Jet Divers are buoyant and use water pressure against the shape and angle of their “wings” to be pulled down into the water. Being buoyant, when that water pressure is relaxed, the diver will float off course, and back to the surface. Coming in several sizes, each size is meant to diver to a specific depth.

Like the other divers we’ve covered, these too come in multiple colors that would be used to grab the attention of your fish. However, these divers come highly recommended specifically for those fishermen who troll rivers. While they can absolutely be pulled behind a boat, one of the other divers may be better suited to your specific needs.


Weights are another effective way to get your terminal tackle down to the fish. They do, however, come with a few downsides. If you don’t have your line set up specifically to counter this, they can spin, and twist your line, which you definitely don’t want. They won’t release when a fish is attached to your hook, so you’ll be fighting the fish and the weight you used to get your bait down. That being said, many fishermen use weights and swear by them, so don’t rule them out until you’ve given them a try.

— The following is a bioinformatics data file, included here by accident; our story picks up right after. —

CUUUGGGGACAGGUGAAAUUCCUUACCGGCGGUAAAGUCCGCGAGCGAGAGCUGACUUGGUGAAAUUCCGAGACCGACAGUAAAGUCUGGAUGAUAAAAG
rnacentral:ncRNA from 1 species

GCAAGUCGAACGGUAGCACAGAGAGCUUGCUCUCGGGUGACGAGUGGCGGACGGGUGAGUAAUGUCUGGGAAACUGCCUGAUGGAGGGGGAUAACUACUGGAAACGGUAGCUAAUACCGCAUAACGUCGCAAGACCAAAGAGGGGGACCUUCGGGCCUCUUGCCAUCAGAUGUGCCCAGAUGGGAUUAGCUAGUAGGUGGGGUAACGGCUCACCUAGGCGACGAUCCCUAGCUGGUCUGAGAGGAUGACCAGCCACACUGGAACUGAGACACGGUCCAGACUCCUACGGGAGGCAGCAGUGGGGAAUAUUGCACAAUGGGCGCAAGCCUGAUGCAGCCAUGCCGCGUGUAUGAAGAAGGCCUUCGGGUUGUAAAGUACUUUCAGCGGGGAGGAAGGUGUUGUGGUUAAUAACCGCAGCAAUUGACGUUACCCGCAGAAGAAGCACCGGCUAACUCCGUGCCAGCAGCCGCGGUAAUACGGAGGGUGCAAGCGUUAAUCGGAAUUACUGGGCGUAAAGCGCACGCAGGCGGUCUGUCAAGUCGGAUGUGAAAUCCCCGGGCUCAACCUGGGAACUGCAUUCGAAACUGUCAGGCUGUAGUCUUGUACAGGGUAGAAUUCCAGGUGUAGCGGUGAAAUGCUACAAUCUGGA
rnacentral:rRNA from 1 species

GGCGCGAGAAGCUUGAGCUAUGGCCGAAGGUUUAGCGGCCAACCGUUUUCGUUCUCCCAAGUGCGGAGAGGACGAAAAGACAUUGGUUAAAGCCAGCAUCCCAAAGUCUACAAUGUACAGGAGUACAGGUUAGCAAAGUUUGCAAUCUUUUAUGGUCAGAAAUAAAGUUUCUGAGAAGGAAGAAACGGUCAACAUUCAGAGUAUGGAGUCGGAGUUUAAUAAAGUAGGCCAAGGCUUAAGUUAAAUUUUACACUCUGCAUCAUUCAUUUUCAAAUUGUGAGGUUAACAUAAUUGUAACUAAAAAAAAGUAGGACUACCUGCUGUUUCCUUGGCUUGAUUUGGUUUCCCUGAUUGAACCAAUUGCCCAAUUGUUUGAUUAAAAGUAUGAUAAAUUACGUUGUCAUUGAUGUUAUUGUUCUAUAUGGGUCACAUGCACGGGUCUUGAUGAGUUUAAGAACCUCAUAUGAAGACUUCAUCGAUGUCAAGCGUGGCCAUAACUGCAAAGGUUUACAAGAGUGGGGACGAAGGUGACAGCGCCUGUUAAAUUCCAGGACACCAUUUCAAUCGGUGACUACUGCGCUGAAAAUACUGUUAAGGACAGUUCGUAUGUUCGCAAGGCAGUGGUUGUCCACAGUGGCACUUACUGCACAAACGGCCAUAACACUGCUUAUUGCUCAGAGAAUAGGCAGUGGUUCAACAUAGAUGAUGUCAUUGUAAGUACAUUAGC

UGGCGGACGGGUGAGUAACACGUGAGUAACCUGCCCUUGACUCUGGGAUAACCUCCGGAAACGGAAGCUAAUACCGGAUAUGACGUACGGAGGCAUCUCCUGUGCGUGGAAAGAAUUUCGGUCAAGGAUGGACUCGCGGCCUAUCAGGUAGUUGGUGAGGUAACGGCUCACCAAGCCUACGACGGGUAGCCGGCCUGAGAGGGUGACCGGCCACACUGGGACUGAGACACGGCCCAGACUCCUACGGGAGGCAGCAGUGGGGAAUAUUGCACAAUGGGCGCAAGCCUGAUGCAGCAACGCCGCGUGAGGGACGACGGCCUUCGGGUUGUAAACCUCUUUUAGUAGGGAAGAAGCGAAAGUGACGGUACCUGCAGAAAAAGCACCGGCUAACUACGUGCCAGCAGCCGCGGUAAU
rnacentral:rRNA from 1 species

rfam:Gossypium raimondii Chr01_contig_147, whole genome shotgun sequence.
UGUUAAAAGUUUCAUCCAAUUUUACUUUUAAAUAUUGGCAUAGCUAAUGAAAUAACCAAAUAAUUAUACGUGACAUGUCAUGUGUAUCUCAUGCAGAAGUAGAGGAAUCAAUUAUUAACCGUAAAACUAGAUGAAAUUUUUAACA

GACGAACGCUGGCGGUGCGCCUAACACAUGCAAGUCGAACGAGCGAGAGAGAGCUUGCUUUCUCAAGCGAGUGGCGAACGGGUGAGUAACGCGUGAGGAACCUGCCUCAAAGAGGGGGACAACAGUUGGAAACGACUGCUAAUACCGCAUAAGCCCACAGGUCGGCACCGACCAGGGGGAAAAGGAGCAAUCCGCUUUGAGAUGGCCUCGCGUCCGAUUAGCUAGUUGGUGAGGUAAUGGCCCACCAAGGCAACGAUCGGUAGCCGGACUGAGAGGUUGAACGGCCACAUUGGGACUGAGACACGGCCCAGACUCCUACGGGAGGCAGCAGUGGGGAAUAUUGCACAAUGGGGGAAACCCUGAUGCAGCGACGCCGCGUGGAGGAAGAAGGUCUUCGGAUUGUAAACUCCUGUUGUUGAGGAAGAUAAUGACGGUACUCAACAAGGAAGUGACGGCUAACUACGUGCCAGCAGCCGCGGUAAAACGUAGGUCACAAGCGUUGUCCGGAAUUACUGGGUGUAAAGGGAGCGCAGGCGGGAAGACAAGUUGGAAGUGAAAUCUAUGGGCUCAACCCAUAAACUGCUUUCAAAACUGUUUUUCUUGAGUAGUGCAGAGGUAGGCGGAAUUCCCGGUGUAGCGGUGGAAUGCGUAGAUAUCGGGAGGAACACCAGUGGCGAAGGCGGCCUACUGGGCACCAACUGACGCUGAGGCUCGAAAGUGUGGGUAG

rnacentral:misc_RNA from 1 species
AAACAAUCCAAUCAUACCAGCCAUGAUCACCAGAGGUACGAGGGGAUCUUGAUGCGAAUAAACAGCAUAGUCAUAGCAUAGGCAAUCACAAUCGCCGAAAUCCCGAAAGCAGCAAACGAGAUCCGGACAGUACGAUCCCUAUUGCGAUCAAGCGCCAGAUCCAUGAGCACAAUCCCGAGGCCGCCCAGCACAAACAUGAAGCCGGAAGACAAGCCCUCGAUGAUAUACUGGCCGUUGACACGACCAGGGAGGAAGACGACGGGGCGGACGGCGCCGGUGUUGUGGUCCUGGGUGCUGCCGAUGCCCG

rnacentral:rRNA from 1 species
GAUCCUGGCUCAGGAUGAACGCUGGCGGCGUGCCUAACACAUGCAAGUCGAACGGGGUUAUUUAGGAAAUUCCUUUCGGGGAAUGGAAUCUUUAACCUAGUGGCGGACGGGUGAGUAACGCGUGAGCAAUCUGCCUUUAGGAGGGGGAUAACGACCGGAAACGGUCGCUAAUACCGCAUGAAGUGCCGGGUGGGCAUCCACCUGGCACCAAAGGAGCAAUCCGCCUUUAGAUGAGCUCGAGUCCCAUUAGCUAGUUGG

Unlike divers, which work with and because of the movement of your boat, movement and speed actually work against weights. You’ll need to take into account the drag that’s happening on your line, and adjust for the rise of your bait to ensure that your tackle is getting down to your desired depth.

Weights, as well as coming in their variety of shapes, do come in a plethora of colors, patterns, and sizes. I’m going to focus on the weights that have been used specifically for trolling.

Keel Weights

Keel weights are named after their shape. Coming with a molded “keel”, these weights are designed to prevent, or at least minimize the twisting of your line. They come attached to a ball style chain as well, so even if your tackle does twist, it won’t have a negative impact on your main fishing line. The ball chain is also said to produce a rattle, which is meant to attract fish.

Snap Weights

Snap weights offer a little more versatility for placement, as well as ease of installation and removal. Snap weights have a reputation for being best utilized by what is commonly known as the “50/50” method.

Whether from your boat or a line board, let out fifty feet of line. Attach the snap weight, and then let out an additional fifty feet. Doing this enables you to remove weight as you reel your line in, taking off some of the resistance you’ll be experiencing as you fight the fish.

Additional Tips

  • Thinner Line
    When you’re fishing with divers and especially when you’re fishing with weights, you need to keep in mind the drag that will be occurring on your line, which reduces the accuracy of the readings you can get from your pole, and also brings your tackle closer to the surface of the water. If you are able, use a thinner line. This will reduce drag and enable a more efficient and effective fishing experience.